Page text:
BREVARD COUNTY, Fla. – On Wednesday, December 12, 2018, two days after Brevard County Jail inmate Gregory Lloyd Edwards died following an altercation with seven corrections deputies, Sheriff Wayne Ivey had a hard conversation with the West Melbourne Police Department, News 6 partner Florida Today reports.
West Melbourne had received a public records request for all police video of Edwards’ arrest by city police at a Walmart three days earlier, when the Iraq and Kosovo war vet assaulted a charity worker outside Walmart during what his wife called a post-traumatic stress disorder episode.
As a courtesy, the city alerted the sheriff about the request because deputies had already started a homicide investigation into the 38-year-old former combat medic’s death. Ivey was clear that he did not want the West Melbourne footage leaving police control. Both the sheriff and West Melbourne officials confirmed on Friday that Ivey had asked West Melbourne not to hand over any footage because of the active investigation.
But West Melbourne City Attorney Morris Richardson disagreed that the footage should be kept from the public, and told city police officials to tell Ivey that the exemption didn’t apply to West Melbourne’s records.
“I gave the opinion that although the exemption to the Public Records Act for active criminal investigative information did apply to the sheriff’s investigation, it did not apply to our agency’s records,” Richardson told FLORIDA TODAY. “Sheriff Ivey initially disagreed but within a day or two called back and said, basically, ‘Go ahead, release it.’ He wasn’t happy with my opinion, but he agreed.”
Now, a year and half later, all Edwards’ videos, as Sheriff Ivey himself pointed out this week, have been released, except for the only one directly controlled by his office: the one from the jail that shows what happened soon after Edwards arrived at the complex and a fight broke out between him a deputy, leading to a melee with as many as six other deputies.
That fight ended – according to the sheriff’s investigation — with Edwards punched and kneed, tased six times, pepper-sprayed, handcuffed and strapped into a restraint chair with chemicals still on his face and a spit hood over his head. Left alone in a cell without medical attention, Edwards was found by guards unresponsive nearly 16 minutes later and was pronounced dead the next day. One deputy was treated for a concussion.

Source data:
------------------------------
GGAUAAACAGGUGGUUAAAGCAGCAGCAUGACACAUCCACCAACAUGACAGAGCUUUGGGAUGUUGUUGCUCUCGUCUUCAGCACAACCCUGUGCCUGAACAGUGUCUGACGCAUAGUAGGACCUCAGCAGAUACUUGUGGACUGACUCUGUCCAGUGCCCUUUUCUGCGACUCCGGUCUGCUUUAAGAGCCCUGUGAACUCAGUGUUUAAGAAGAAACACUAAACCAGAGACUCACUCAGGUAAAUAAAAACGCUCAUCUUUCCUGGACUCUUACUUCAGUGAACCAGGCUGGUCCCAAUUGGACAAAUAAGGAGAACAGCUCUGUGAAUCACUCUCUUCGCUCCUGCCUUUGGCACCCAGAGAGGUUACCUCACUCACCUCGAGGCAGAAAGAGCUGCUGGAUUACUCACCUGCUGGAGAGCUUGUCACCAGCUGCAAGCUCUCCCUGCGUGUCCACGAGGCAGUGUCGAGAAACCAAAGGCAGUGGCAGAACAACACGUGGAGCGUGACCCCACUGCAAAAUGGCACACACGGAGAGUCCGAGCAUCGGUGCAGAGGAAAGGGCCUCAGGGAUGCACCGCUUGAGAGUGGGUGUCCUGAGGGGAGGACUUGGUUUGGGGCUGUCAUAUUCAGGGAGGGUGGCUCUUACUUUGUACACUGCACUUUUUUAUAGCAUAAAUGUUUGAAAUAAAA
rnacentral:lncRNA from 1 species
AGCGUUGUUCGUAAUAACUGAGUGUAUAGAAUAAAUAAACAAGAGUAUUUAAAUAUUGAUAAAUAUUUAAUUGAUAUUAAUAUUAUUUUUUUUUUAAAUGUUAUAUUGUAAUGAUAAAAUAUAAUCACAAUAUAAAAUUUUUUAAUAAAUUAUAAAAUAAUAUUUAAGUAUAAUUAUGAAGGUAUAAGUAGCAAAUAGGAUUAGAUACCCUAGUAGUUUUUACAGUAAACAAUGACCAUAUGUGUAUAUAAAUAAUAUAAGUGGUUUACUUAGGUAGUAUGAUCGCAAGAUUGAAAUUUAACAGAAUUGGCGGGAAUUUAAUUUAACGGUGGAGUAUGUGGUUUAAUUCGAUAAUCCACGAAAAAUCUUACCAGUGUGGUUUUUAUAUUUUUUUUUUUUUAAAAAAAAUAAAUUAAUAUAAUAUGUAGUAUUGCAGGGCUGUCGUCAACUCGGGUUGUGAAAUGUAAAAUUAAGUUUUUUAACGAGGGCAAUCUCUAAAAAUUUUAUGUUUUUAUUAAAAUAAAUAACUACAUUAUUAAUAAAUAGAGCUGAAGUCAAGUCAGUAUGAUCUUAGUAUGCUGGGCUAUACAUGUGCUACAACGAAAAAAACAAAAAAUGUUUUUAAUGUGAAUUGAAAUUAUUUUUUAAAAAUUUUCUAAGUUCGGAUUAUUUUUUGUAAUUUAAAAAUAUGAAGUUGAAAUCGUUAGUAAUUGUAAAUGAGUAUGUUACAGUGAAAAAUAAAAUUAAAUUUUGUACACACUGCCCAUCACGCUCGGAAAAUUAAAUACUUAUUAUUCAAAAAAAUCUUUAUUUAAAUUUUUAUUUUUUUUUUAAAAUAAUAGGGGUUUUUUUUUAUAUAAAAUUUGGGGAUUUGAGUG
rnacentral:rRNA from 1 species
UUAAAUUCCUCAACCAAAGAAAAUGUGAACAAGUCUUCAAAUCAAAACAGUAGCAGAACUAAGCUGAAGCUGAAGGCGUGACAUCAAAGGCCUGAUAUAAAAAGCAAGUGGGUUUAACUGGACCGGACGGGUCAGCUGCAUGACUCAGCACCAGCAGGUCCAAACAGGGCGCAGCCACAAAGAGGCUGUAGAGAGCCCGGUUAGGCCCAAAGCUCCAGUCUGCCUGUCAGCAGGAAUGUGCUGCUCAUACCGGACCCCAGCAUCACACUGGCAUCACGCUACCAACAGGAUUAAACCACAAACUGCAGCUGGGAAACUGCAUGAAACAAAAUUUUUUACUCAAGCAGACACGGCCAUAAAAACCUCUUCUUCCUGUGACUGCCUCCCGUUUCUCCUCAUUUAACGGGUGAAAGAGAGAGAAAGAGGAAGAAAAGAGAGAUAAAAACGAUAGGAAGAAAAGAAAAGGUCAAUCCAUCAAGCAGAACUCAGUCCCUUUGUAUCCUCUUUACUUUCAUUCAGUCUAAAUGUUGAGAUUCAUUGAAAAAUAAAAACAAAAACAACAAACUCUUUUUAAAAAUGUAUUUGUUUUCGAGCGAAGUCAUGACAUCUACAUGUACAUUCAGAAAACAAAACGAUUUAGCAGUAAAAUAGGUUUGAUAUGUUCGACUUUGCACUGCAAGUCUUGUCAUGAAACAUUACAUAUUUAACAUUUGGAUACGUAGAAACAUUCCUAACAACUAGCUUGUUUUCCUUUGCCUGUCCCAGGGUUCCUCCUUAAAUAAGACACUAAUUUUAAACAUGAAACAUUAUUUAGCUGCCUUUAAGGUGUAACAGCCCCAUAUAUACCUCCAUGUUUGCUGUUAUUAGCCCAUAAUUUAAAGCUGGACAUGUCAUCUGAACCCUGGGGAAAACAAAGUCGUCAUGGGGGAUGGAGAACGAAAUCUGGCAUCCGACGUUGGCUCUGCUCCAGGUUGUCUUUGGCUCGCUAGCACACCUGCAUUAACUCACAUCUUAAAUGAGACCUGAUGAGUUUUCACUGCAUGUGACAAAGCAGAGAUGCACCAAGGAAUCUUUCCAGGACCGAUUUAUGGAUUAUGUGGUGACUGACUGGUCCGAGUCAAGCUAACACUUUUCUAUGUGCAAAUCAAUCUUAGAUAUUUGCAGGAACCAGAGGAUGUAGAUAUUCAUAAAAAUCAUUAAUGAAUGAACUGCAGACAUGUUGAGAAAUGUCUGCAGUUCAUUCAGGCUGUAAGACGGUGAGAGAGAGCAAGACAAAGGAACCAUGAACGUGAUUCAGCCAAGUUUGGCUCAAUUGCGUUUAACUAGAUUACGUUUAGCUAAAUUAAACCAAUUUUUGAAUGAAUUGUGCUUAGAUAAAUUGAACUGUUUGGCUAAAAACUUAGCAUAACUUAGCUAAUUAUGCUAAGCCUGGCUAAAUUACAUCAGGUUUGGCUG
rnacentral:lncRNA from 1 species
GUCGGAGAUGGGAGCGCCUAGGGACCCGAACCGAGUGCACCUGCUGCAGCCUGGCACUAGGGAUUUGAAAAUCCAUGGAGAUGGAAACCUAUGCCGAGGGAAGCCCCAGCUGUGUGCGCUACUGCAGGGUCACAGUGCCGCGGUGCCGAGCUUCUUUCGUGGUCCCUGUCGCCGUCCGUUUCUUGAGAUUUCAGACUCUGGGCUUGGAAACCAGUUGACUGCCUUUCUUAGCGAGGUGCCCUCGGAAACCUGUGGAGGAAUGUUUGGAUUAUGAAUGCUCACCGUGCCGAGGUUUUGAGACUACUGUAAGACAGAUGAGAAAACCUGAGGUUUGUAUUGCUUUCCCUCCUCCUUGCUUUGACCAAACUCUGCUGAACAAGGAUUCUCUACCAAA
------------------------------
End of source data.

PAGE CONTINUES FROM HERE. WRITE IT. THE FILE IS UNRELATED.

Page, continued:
In a news conference on Tuesday, Ivey reiterated his refusal to release the jail video but noted it was the exception to how he has treated such footage, especially since the State Attorney’s office ruled last year that the deputies were justified in their use of force against Edwards.
“The only video that has not been released is the jail security video. That's the only one. All the other videos — the videos of Mr. Edwards attacking the truck driver, the video of Mr. Edwards being transported to the jail, the video of the West Melbourne officer that encountered him at the Walmart — everything has been released,” Ivey said.
But contrary to Ivey’s assertion of transparency in the Edwards case, the BCSO has often acted to keep information and records about the event – as it did with the West Melbourne police videos – out of the public realm for as long as possible. Every effort to delay, conceal or restrict information from being released has been documented by FLORIDA TODAY from official emails, exchanges with lawyers, and text messages.
Over the 18 months since Edwards died, the BCSO has sought to slow down and even prevent the release of photos, videos and use of force reports from the case, even after the investigation was concluded. His office cites various statutory exemptions, ranging from security to federal laws on patient privacy.
In February this year, the Sheriff’s Office claimed that photographs taken by a BCSO crime scene investigator of Edwards after he had been taken from the jail to the Rockledge Regional Medical Center were medical records exempt from release.
The Florida Attorney General, however, had ruled in previous cases that medical records had to be made by a health care practitioner. The photographs were taken by a BCSO employee and maintained by the Sheriff’s Office. It took the threat of a lawsuit before the BCSO released the photos to FLORIDA TODAY showing a bruised, comatose Edwards handcuffed to a hospital bed.
Ivey has also personally lashed out at a state official who questioned the findings of the autopsy report by Brevard’s medical examiner that concluded Edwards’ manner of death was an accident, and that he died of “excited delirium,” a rare and controversial medical condition.
An ‘inappropriate’ phone call